Voice of the Free Press: Closing doors on public scrutiny | Burlington Free Press | burlingtonfreepress.com

Posted: July 12, 2011 by scaryhouse in Uncategorized

The Vermont attorney general’s motion before the state Supreme Court against releasing police search warrant results in the case of the missing Essex couple is one more piece of evidence that portions of state government have yet to embrace the notion of government transparency and accountability as a public good.

The case is about a specific set of documents in a particular case. Yet, the state is using the case to take away the public’s right to access a class of documents, a right established by a 2001 lower court ruling.

Vermont’s law enforcement establishment is too opaque as it is. The public has access to too little information, especially about how police misconduct is handled. If the recent reports outlining problems at the Vermont Police Academy are an indication, law enforcement needs every bit as much public oversight as any other part of government.

Now, the state is moving to nullify one of the few avenues available for the public to inspect police conduct on the job.

The Free Press made a simple public records request for the warrant returns in mid-June, and Chittenden County State’s Attorney T.J. Donovan made a motion in court requesting the documents be sealed. Warrant returns document what police found when they executed the court-authorized search.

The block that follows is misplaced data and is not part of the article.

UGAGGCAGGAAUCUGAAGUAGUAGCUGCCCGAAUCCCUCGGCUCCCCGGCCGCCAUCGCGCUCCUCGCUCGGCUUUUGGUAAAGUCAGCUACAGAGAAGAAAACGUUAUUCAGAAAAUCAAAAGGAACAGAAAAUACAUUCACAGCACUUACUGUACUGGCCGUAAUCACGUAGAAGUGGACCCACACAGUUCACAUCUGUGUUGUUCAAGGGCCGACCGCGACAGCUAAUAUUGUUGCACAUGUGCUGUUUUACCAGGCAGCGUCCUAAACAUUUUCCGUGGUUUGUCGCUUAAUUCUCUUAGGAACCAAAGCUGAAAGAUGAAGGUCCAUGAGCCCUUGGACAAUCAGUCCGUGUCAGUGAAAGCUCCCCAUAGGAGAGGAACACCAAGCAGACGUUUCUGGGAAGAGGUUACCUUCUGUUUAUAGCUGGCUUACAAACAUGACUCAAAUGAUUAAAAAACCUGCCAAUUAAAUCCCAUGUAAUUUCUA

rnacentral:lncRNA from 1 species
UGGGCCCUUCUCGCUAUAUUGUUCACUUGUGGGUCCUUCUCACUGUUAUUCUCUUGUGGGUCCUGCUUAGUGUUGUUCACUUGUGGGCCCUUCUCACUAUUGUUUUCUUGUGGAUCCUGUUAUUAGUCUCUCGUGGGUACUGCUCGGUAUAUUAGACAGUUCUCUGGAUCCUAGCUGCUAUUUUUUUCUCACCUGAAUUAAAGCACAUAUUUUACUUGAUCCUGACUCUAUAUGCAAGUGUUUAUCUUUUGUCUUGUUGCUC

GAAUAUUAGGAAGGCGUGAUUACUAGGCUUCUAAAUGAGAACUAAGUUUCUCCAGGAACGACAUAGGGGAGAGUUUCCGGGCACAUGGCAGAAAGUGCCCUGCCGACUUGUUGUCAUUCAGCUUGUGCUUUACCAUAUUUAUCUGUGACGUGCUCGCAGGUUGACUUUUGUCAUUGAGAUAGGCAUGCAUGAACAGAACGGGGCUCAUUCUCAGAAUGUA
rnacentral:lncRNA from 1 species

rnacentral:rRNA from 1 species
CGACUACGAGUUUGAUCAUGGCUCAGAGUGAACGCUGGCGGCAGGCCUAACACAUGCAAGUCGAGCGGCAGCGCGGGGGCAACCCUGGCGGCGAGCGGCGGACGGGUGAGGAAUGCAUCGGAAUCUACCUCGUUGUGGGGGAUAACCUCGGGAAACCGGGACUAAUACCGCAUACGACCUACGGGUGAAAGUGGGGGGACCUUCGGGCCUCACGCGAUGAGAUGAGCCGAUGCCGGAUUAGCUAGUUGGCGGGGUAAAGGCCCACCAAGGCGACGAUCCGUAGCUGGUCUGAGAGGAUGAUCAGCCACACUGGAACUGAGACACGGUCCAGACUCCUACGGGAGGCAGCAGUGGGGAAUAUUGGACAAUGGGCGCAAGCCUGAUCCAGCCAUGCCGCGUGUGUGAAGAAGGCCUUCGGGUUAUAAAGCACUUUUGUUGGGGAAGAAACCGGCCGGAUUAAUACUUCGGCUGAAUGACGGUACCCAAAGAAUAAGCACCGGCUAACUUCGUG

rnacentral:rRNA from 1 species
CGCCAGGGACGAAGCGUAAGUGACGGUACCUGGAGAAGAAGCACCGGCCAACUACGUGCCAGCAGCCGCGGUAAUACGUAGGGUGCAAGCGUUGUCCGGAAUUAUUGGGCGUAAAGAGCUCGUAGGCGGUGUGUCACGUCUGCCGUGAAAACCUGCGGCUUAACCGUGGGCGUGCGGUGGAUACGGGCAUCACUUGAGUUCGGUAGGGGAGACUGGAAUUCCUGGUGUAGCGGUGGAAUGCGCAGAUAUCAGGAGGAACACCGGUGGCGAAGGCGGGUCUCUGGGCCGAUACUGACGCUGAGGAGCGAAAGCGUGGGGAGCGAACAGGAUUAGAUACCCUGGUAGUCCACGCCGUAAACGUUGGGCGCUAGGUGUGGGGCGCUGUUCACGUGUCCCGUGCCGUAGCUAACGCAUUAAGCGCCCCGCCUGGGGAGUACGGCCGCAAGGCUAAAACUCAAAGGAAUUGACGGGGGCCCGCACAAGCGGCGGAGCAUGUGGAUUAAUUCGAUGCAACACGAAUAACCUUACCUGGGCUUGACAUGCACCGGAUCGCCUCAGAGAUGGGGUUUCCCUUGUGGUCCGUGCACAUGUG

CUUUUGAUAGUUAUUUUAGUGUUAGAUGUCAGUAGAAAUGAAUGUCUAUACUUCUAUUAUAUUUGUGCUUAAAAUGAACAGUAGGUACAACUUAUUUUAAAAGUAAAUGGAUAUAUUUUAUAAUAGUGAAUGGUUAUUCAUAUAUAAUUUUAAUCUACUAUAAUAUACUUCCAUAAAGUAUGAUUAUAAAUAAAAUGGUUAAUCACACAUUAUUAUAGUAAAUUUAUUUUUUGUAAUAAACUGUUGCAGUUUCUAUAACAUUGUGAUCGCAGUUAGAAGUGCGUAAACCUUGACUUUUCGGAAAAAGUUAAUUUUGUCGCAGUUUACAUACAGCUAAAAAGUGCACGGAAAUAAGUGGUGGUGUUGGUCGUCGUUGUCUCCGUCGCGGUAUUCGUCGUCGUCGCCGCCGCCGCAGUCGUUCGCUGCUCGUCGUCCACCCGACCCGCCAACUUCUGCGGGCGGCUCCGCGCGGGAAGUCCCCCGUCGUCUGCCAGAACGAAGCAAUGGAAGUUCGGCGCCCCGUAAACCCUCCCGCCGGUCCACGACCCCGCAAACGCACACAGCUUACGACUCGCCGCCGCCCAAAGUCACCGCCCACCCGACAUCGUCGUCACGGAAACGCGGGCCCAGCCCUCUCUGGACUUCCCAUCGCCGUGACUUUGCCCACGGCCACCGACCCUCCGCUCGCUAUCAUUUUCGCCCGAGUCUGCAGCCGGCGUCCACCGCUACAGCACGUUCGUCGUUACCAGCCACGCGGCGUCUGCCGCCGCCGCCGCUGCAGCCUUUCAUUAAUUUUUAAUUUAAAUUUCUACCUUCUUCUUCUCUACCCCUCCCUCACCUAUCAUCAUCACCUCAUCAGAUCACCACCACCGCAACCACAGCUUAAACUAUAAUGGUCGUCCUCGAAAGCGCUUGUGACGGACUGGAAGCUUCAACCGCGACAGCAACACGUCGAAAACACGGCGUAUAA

Two Superior Court judges, Linda Levitt and James Crucitti, turned down Donovan’s request. In one decision, Judge Crucitti wrote, “The court does not believe the state has outlined sufficient reasons to justify sealing of the records on a stay of the order.”

Instead of presenting a beefier argument in Superior Court, Donovan has chosen to take his case before the state Supreme Court where the Attorney General’s Office, in a motion on behalf of the state’s attorney, has introduced the notion that the public has no inherent right to access warrants.

Such zeal to suppress information by any part of government smacks of authoritarianism.

via Voice of the Free Press: Closing doors on public scrutiny | Burlington Free Press | burlingtonfreepress.com.

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